Commencing this month, tens of thousands of Canadian temporary foreign workers could face deportation due to changes to the country’s immigration laws made in 2014.
Although Employment Minister Jason Kenney recently granted a one-year amnesty to about 1,000 temporary foreign workers in Alberta, it’s estimated that as many as an initial 16,000 temporary foreign workers could lose their status commencing April 1st; in reaction to this reality, migrant advocacy groups within Canada are lobbying on behalf of the many thousands of immigrant workers who stand to be affected by the change in immigration laws.1
In Alberta, a new advocacy group has been formed with the express purpose of advocating on behalf of the immigrant workers who may face deportation. The new Temporary Foreign Workers Support Coalition (TFWSC) consists of members from several other advocacy groups, including Migrante-Alberta, UNIFOR and Industrial Workers of The World, among others. In recent weeks, the TFWSC has sponsored rights-awareness workshops for temporary foreign workers to make them aware of the changes to immigration law, how it may affect their status within Canada, and what their rights are under Canadian law.
The TFWSC workshops are open to the general public, and also feature guest speakers—such as immigration lawyers—who are familiar with the subject of Canadian immigration.2
The coalition has also been soliciting the support of Canadian labor unions, in an effort to link the challenges faced by temporary foreign workers with those of unionized Canadian workers. In the past, there has been some reluctance from Canadian workers to support immigrant labor issues for fear that foreign workers could be taking away jobs from native-born Canadians.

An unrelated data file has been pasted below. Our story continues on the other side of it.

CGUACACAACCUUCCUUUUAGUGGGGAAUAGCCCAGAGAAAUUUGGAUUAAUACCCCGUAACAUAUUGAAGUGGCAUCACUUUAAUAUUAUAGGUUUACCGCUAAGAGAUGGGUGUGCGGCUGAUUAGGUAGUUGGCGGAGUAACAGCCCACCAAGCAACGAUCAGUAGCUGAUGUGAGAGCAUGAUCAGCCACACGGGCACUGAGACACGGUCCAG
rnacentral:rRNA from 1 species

Since the new laws affecting temporary foreign workers became effective on April 1st, the Canadian media have highlighted specific examples of how the changes affect individual foreign workers. Most of the stories have focused on how the stricter immigration rules have meant that some foreign workers either face deportation, or are not being allowed back in the country to continue their prior employment.
Among those profiled was Josephine Angott, a Filipino fish plant worker in the province of New Brunswick, who has been stopped from returning to work at the Canadian plant due to changes in the temporary foreign worker law. Angott had been employed at the packing plant since 2011, but the changes in the law mean she would be exceeding her four-year limit if she were allowed to return. Under the current rules, Angott will have to wait an additional four years prior to being allowed back into Canada to work.3
Mirroring the concern expressed by Western Canada’s food service industry, companies in Canada’s agricultural and seafood processing industries have also expressed concern about a possible worker shortage due to the change in immigration laws.
Earlier this year, Bill Stevens, head of Mushrooms Canada, said his $900 million industry relies heavily on foreign workers, and due to the stricter immigration laws, could be facing “major decreases in production” if the changes to the temporary foreign worker rules were not altered.4